New Year’s Eve is a vastly different cultural setting than BALLOON but director Hao Zheng enlisted Bowei for the same masterful approach to sculpting a story that led Jeremy Merrifield to him. Hao and Bowei had long wanted to work together and New Year’s Eve presented the ideal opportunity. The story of New Year’s Eve centers around Xiaoyu, a 19-year-old Chinese boy who has returned to his home in Gansu, China with a medal he won at his Kung Fu school. The essence of this film is about family and taking ownership of one’s own identity and future. The fact that this family struggle happens on the most important Chinese holiday of the year places added pressure on all of the characters. Perhaps the most intense scene of the film is the family holiday dinner. As the different relatives begin playfully mocking Xiaoyu, alcohol exacerbates the emotions, particularly when it comes to the main characters. The fluidity of the conversations and emotional crescendo have been assembled by Bowei in such a way that the viewer truly feels that they are sitting at the family dinner table and become deeply invested in the dialogue. In this scene, where the greatest overt confrontation is displayed, is where the editor’s contributions are most visible and strongly transfer the intended feelings to the audience. It seems impossible that the heartfelt moments displayed between mother and son in this story would be delivered with such impact without Bowei’s powerful guidance.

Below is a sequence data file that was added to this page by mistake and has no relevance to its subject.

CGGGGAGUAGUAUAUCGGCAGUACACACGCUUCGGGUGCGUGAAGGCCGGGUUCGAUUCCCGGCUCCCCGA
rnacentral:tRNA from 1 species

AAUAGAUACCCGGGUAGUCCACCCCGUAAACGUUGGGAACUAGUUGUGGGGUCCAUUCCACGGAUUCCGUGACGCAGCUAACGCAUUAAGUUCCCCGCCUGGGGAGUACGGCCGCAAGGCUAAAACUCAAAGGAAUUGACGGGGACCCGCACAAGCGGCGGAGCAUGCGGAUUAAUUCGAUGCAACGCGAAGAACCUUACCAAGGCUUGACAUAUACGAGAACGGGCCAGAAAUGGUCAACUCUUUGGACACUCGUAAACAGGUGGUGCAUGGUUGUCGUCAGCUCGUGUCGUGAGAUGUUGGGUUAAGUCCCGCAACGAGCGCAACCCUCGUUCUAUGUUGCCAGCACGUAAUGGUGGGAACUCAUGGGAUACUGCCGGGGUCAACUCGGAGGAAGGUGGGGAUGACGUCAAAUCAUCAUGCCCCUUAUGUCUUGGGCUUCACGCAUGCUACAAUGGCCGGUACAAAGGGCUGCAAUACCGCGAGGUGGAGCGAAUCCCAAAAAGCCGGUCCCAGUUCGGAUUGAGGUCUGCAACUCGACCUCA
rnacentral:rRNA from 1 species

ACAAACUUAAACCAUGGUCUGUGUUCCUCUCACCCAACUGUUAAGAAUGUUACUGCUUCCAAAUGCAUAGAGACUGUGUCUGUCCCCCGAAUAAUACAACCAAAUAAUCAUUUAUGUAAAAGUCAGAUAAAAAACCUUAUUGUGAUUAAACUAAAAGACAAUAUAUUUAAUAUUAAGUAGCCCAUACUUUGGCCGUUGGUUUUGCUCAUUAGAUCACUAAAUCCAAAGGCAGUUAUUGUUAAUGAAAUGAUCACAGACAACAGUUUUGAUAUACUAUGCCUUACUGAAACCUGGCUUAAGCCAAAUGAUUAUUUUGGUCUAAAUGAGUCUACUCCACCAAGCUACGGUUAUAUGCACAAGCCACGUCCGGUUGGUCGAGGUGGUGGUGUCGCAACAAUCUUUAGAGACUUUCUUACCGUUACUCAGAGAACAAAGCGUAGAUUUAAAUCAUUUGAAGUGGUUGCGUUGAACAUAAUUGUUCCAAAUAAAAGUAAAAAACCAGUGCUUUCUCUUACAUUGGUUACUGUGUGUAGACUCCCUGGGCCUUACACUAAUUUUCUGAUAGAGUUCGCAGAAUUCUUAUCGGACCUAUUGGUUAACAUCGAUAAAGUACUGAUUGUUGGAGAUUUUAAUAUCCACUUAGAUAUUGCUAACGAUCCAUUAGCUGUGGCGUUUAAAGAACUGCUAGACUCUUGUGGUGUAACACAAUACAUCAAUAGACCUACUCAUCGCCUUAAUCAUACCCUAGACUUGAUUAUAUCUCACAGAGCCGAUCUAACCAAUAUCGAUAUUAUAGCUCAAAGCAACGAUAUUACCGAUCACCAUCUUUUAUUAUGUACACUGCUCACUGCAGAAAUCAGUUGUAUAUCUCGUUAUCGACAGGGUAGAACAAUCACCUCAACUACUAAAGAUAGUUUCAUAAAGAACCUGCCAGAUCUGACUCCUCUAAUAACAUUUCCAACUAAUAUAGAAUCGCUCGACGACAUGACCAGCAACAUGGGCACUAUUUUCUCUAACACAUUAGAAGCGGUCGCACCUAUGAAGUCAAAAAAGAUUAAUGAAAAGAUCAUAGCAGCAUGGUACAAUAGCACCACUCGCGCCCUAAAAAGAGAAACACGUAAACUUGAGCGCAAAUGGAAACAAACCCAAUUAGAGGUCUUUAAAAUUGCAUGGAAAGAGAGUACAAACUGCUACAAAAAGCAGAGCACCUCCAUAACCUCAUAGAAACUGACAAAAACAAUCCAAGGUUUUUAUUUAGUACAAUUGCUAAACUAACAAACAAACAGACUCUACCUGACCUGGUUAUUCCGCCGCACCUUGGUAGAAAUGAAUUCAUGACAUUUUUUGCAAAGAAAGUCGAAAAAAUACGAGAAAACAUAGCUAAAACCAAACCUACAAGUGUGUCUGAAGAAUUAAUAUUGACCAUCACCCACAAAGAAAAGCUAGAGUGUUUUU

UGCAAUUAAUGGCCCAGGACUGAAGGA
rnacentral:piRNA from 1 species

Soon to be released are two films which feature some intriguing editing by Bowei. About Him and Her is a high concept love story which takes place in the late 1980s. Highly unusual in its presentation, the faces of the two main characters are hidden throughout the vast majority of the film, presenting a challenge which Yue was eager to sign on for. The editor also utilized his adept skills on the film Sword of Destiny, an action/revenge tale which features work from the same martial arts instructor as the epic Japanese film Kingdom.

 

 

 

  Originally from Changchun, a city in the northeastern part of China, Bowei Yue confirms that the increasingly more common collaboration between American and Chinese filmmakers is resulting in intriguing stories and approaches for both professionals and public. He informs, “Like Beijing where most Chinese artists gather, LA is the center for artists from all parts of America…even the whole world. Therefore, there are filmmakers of different ages from different countries and cultural backgrounds in LA. When working with these artists, as an editor, I need to adjust my way of working differently to different types of filmmakers for the highest efficiency and best outcomes. It’s imperative to understand not only the story but the filmmaker themselves and the cultural lens through which they view it. Film is never a one-man-band thing and editors get their works done by holding a responsible attitude to film directors, producers, and production companies; all of their directions and ideas need to be fully presented in the film. At the same time, as an editor, you also need to leave your own signature on the project. My strength is finding that sweet balance. Because I was born and brought up in China and have received film training in both China and America, I’m able to view my story and that of others from multiple angles and blend such experiences in my work. This increasingly international film industry values that perspective and I’m happy to be able to lend it to so many great films.”